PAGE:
Maybe it is the allusions/metaphors that I like, or maybe I like the concept of the stories so much that I filled out the characters in my own mind, but either way, I loved his books.

I can see where some people don't--a colleague of mine couldn't get through the first one and we have similar tastes in books--but they're a great escape for me.

Elektra
05-29-2007, 06:05 AM
Sorry, haven't had time to glance back through the book for specifics. But I wanted to add that the first of Fforde's books I bought was LOST IN A GOOD BOOK (BAMM had them all on sale), and really liked it. I think that's why I read all the others; I didn't really like them, per se, but I was hoping to recreate the original magic.

AnnieColleen
05-29-2007, 09:00 AM
I'm rereading LIAGB (courtesy of this thread) & I think I found one you might be thinking of -- adventures in negative page numbers (in Great Expectations). But then I haven't reread TEE recently, so I don't remember the other side of the comparison.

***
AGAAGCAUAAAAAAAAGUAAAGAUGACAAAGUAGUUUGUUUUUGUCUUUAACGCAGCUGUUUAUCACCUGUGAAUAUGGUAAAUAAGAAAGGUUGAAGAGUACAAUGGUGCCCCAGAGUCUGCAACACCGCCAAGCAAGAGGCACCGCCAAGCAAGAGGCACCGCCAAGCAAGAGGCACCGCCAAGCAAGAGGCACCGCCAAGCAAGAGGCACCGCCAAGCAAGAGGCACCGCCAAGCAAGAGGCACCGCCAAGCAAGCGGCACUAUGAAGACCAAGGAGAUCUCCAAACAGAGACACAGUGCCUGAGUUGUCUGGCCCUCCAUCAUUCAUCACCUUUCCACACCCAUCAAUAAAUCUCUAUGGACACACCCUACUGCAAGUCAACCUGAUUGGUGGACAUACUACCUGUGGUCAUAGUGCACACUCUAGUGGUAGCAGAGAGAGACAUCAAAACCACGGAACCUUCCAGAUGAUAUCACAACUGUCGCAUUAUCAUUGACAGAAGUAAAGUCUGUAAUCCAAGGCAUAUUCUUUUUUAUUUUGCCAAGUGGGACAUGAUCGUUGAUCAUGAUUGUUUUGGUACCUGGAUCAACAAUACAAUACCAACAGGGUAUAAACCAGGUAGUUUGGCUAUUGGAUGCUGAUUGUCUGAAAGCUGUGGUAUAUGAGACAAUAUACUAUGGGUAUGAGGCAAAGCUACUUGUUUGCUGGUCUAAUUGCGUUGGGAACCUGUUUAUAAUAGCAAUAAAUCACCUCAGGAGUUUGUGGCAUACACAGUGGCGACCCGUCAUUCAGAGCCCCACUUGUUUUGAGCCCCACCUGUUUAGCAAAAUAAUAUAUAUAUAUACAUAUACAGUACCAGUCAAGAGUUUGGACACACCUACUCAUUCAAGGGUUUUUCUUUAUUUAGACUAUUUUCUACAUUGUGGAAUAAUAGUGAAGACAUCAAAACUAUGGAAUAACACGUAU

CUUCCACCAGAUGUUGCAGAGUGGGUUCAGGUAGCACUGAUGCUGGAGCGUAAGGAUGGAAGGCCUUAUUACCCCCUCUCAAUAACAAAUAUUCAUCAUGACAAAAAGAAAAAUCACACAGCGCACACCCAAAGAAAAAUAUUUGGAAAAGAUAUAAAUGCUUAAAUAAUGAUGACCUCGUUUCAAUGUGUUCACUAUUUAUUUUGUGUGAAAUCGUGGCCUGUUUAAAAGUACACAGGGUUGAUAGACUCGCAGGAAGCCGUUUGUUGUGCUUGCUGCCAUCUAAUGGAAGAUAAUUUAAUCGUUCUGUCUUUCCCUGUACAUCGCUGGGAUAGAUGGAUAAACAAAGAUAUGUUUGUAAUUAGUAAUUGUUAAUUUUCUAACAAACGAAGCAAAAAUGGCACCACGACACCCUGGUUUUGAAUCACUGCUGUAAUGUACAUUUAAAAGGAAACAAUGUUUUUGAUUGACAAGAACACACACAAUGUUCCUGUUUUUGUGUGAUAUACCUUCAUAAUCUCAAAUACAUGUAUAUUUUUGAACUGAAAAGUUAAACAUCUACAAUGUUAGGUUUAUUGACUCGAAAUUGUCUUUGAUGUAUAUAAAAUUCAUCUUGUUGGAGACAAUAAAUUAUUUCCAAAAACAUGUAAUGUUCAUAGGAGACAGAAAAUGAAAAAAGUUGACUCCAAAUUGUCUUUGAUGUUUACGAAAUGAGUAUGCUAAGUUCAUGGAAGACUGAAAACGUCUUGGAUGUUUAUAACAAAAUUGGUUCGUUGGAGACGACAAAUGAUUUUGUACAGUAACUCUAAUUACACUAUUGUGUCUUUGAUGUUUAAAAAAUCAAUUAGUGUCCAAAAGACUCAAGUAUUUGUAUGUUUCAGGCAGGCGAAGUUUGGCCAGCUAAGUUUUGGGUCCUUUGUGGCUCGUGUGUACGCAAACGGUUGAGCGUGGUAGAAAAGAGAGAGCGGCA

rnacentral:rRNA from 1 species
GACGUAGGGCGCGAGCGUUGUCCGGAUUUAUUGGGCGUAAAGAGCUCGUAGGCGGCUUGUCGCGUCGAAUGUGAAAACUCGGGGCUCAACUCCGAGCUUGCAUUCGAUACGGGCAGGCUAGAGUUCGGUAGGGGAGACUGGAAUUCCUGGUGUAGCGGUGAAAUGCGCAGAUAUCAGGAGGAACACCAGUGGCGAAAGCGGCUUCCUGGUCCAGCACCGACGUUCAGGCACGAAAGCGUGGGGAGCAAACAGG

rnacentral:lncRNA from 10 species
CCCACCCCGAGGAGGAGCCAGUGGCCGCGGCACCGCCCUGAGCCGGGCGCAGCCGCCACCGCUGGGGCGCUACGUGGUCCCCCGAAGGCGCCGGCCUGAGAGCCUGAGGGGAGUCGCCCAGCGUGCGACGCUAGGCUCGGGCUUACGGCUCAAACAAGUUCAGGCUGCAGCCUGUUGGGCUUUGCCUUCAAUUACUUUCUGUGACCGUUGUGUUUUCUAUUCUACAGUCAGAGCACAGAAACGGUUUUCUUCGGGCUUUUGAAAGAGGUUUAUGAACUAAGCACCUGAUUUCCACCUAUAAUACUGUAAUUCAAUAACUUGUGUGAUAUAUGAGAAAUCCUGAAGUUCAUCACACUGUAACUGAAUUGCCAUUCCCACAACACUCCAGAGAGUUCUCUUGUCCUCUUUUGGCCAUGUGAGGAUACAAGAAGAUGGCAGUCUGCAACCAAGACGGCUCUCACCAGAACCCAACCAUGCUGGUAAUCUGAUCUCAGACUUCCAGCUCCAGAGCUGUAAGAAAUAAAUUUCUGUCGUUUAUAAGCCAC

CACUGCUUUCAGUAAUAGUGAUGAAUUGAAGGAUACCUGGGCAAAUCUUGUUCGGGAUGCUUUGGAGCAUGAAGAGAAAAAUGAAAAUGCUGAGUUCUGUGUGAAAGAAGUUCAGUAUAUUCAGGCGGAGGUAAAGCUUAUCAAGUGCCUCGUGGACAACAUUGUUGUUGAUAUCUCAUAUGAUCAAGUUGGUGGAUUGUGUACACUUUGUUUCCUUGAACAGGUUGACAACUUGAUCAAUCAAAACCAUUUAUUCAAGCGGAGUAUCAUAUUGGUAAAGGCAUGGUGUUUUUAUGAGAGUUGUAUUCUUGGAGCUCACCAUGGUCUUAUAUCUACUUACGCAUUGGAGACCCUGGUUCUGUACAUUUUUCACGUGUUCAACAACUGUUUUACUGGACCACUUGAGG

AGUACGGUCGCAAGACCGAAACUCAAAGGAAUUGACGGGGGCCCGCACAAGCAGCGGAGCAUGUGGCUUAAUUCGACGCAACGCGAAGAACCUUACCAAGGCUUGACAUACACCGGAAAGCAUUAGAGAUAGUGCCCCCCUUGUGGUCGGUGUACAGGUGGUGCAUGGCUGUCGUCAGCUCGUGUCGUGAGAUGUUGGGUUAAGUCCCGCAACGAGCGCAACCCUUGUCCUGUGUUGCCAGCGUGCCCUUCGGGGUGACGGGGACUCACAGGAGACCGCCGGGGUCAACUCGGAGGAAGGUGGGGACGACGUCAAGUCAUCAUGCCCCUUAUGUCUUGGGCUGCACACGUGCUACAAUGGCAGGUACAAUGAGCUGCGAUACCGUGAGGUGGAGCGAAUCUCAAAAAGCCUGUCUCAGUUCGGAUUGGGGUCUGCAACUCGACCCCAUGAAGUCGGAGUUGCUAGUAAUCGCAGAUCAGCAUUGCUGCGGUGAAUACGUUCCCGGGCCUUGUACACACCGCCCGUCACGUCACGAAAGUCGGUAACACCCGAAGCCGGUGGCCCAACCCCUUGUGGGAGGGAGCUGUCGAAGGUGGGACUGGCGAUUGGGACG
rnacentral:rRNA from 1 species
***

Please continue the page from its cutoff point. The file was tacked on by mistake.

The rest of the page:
PenTeller
06-01-2007, 08:18 AM
Er, I've read everything he's published. Have to say, I'm a hardcore Fforde ffan here.

Elektra
08-09-2007, 01:18 AM
Really late on this, but...

I've just reread the first three books, and realize that it's the third book that had all the continuity problems. They were obviously things he thought sounded clever, but didn't care enough to think, "You know, this isn't consistent at all with the rest of the book".

IrishScribbler
08-09-2007, 02:35 AM
Interesting you should mention that, Elektra, b/c it was the third book I had the most trouble reading.

Have you read First Among Sequels yet?

Lauri B
08-09-2007, 02:59 AM
Just found this thread. I love Jasper Fforde--I think his books are hysterical.

Elektra
08-09-2007, 04:47 AM
Interesting you should mention that, Elektra, b/c it was the third book I had the most trouble reading.

Have you read First Among Sequels yet?